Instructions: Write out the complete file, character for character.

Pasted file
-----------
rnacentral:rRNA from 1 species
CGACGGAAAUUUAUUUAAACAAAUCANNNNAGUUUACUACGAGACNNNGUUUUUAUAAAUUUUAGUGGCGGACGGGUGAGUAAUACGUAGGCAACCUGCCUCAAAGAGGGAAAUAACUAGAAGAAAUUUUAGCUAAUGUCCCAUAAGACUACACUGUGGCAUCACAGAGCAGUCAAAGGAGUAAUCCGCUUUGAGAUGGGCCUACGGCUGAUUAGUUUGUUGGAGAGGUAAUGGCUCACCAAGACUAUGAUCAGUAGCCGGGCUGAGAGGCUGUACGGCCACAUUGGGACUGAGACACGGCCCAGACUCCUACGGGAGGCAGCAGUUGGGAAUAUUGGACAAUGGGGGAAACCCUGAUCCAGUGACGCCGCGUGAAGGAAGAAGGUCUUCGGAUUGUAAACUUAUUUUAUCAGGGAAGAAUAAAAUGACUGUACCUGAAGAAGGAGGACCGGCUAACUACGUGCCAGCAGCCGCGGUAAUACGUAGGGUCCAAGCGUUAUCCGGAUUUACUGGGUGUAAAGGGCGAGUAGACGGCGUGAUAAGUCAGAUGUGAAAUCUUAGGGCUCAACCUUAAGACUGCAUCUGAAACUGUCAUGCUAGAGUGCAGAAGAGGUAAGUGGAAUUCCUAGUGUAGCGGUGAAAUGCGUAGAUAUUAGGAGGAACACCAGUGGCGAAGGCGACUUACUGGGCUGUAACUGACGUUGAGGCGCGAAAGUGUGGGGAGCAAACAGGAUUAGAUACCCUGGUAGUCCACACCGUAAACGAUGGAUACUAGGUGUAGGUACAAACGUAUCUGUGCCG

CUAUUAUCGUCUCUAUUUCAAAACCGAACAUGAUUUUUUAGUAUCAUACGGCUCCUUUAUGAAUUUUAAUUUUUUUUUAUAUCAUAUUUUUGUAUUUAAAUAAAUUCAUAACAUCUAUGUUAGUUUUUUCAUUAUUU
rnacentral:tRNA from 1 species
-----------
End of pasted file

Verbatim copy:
rnacentral:rRNA from 1 species
CGACGGAAAUUUAUUUAAACAAAUCANNNNAGUUUACUACGAGACNNNGUUUUUAUAAAUUUUAGUGGCGGACGGGUGAGUAAUACGUAGGCAACCUGCCUCAAAGAGGGAAAUAACUAGAAGAAAUUUUAGCUAAUGUCCCAUAAGACUACACUGUGGCAUCACAGAGCAGUCAAAGGAGUAAUCCGCUUUGAGAUGGGCCUACGGCUGAUUAGUUUGUUGGAGAGGUAAUGGCUCACCAAGACUAUGAUCAGUAGCCGGGCUGAGAGGCUGUACGGCCACAUUGGGACUGAGACACGGCCCAGACUCCUACGGGAGGCAGCAGUUGGGAAUAUUGGACAAUGGGGGAAACCCUGAUCCAGUGACGCCGCGUGAAGGAAGAAGGUCUUCGGAUUGUAAACUUAUUUUAUCAGGGAAGAAUAAAAUGACUGUACCUGAAGAAGGAGGACCGGCUAACUACGUGCCAGCAGCCGCGGUAAUACGUAGGGUCCAAGCGUUAUCCGGAUUUACUGGGUGUAAAGGGCGAGUAGACGGCGUGAUAAGUCAGAUGUGAAAUCUUAGGGCUCAACCUUAAGACUGCAUCUGAAACUGUCAUGCUAGAGUGCAGAAGAGGUAAGUGGAAUUCCUAGUGUAGCGGUGAAAUGCGUAGAUAUUAGGAGGAACACCAGUGGCGAAGGCGACUUACUGGGCUGUAACUGACGUUGAGGCGCGAAAGUGUGGGGAGCAAACAGGAUUAGAUACCCUGGUAGUCCACACCGUAAACGAUGGAUACUAGGUGUAGGUACAAACGUAUCUGUGCCG

CUAUUAUCGUCUCUAUUUCAAAACCGAACAUGAUUUUUUAGUAUCAUACGGCUCCUUUAUGAAUUUUAAUUUUUUUUUAUAUCAUAUUUUUGUAUUUAAAUAAAUUCAUAACAUCUAUGUUAGUUUUUUCAUUAUUU
rnacentral:tRNA from 1 species